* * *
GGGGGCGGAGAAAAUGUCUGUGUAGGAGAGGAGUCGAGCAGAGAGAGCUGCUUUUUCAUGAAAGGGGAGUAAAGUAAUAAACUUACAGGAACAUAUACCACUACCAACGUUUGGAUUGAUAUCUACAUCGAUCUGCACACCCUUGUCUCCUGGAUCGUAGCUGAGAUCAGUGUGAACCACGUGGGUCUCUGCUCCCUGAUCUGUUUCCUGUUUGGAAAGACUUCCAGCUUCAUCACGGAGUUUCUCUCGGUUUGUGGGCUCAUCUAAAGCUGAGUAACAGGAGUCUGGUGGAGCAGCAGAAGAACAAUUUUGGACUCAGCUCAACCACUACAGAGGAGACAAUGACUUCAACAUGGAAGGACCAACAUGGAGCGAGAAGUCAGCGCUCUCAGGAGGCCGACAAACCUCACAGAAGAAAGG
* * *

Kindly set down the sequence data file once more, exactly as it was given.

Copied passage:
GGGGGCGGAGAAAAUGUCUGUGUAGGAGAGGAGUCGAGCAGAGAGAGCUGCUUUUUCAUGAAAGGGGAGUAAAGUAAUAAACUUACAGGAACAUAUACCACUACCAACGUUUGGAUUGAUAUCUACAUCGAUCUGCACACCCUUGUCUCCUGGAUCGUAGCUGAGAUCAGUGUGAACCACGUGGGUCUCUGCUCCCUGAUCUGUUUCCUGUUUGGAAAGACUUCCAGCUUCAUCACGGAGUUUCUCUCGGUUUGUGGGCUCAUCUAAAGCUGAGUAACAGGAGUCUGGUGGAGCAGCAGAAGAACAAUUUUGGACUCAGCUCAACCACUACAGAGGAGACAAUGACUUCAACAUGGAAGGACCAACAUGGAGCGAGAAGUCAGCGCUCUCAGGAGGCCGACAAACCUCACAGAAGAAAGG